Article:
This summer, Rob Myers, an adjunct associate professor in the College of Agriculture, Food and Natural Resources, will receive the President’s Leadership Award from the Soil and Water Conservation Society.
The SWCS is a nonprofit scientific and educational organization that “serves as an advocate for conservation professionals and for science-based conservation practice, programs, and policy.” The society boasts more than 4,000 members around the world, including teachers, students, farmers and policymakers.
In recent years the society has focused on the role of cover crops in sustainable agriculture. Cover crops have grown in popularity as research has continued to support their efficacy in controlling erosion, protecting water quality, increasing biological diversity and improving soil structure and organic matter content. It was this emphasis on cover crops that led to Rob Myers’ biggest role in the society to date.
Earlier this year, Myers chaired and organized the society’s first National Conference on Cover Crops and Soil Health. The conference welcomed more than 300 leaders and innovators in agriculture from across the U.S. It was held in Omaha, in February and led by the Sustainable Agriculture Research and Education program.
The conference took an action-oriented stance to explore ways to improve American agricultural sustainability through soil health. Presentations and discussions dug into the benefits of cover crops and barriers to their adoption.
“One of the things I like to tell people about cover crops is that they help us utilize a free resource, namely sunlight, at a time of year in the early spring or late fall when the soil would normally be bare, and these cover crops turn that sunlight into a green living cover that protects the soil and feeds the diverse organisms in it, helping keep the soil ecosystem healthy,” Myers said.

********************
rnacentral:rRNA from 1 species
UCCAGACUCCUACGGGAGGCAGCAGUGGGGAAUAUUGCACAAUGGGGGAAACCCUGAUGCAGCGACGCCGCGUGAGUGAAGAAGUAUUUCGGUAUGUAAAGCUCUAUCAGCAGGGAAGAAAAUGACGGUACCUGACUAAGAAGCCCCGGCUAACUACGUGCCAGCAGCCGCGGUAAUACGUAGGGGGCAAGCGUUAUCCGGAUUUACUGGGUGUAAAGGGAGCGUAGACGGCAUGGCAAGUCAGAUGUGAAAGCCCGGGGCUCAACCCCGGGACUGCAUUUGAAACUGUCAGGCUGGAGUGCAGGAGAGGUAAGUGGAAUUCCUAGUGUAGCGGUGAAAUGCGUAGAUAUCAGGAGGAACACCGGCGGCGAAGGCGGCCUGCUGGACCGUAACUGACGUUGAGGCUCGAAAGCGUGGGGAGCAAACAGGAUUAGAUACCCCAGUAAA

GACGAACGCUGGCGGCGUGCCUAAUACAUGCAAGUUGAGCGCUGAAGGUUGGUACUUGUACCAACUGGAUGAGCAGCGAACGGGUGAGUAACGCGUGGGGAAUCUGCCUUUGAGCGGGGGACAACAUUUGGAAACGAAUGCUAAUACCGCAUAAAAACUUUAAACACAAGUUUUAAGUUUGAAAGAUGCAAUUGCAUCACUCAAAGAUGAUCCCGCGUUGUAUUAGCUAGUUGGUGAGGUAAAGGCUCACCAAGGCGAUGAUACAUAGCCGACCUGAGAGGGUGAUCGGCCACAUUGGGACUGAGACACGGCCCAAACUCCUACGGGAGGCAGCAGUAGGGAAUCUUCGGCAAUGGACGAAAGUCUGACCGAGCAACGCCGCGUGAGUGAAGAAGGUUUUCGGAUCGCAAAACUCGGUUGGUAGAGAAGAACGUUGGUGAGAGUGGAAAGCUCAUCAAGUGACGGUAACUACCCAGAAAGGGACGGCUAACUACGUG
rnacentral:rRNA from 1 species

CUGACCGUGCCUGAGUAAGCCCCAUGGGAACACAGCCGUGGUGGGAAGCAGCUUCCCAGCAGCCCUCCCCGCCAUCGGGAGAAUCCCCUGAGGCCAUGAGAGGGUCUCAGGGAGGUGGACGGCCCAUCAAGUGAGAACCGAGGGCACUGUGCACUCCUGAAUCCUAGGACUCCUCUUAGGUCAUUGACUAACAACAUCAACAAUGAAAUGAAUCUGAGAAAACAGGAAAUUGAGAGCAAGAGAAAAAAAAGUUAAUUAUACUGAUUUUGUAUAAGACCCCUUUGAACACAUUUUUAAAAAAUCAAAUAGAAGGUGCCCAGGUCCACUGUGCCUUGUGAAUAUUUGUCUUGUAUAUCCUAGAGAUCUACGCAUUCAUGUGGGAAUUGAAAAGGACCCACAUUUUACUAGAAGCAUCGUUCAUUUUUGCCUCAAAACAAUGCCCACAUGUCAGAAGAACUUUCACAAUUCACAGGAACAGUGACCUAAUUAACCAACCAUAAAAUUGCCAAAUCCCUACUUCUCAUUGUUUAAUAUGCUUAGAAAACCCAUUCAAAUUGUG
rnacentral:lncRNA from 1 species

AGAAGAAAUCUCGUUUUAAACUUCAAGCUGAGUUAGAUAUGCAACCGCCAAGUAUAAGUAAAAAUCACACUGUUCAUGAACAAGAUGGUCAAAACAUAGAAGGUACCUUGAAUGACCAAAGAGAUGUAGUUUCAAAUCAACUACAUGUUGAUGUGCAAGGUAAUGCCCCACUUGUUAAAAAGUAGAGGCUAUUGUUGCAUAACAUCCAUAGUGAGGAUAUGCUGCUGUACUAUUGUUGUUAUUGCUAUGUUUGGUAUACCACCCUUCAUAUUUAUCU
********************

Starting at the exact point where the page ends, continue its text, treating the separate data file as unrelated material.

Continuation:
Myers’ role as chair included securing funding and administering the budget for the conference, chairing a year-long planning process, and presiding over the conference during the event.
Supplementing the conference in Omaha, forums were set up at more than 200 National Resources Conservation Service offices nationwide where an estimated 6,000 people participated in local conversations on cover crops and soil health.
The SWCS President chooses one recipient each year to recognize “exemplary work in carrying out the goals and objectives of the Soil and Water Conservation Society mission of fostering the art and science of soil, water, and natural resources conservation.”
Myers will be honored at the 69th International Annual Conference in Lombardi, Ill., this July as the 2014 recipient of this award for his outstanding dedication to the values of the SWCS and success in initiating a national conversation on the importance of cover crops in modern and future agriculture practices.
“Dr. Myers has been a true leader on the issue of cover crops & soil health. He has always impressed me with his ability to look forward and understand what pieces of the chess board need to be moved first in order to help farmers long-term,” said Alan Weber, a local ag consultant and part-time farmer who attended the conference and participated on the planning committee with Myers.
Newell Kitchen, an adjunct professor at MU and soil scientist for the U.S. Department of Agriculture, was also on the conference planning committee.
“It was an unusual event; a national conference grew out of one initial conversation of key individuals around the country who thought the time was right to discuss both progress and emerging challenges of cover crops in the U.S. Rob was at the front end of that discussion. He is a very talented visionary who sees things through beginning to end,” Kitchen said.
Since the conference, a national work group on cover crops has developed. The group, scattered all across the U.S., has been following up on discussions began at the conference and developing tangible goals concerning efforts to improve cover crop use nationwide.
Myers is also the regional director for extension programs in the North Central Sustainable Agriculture Research and Education Program.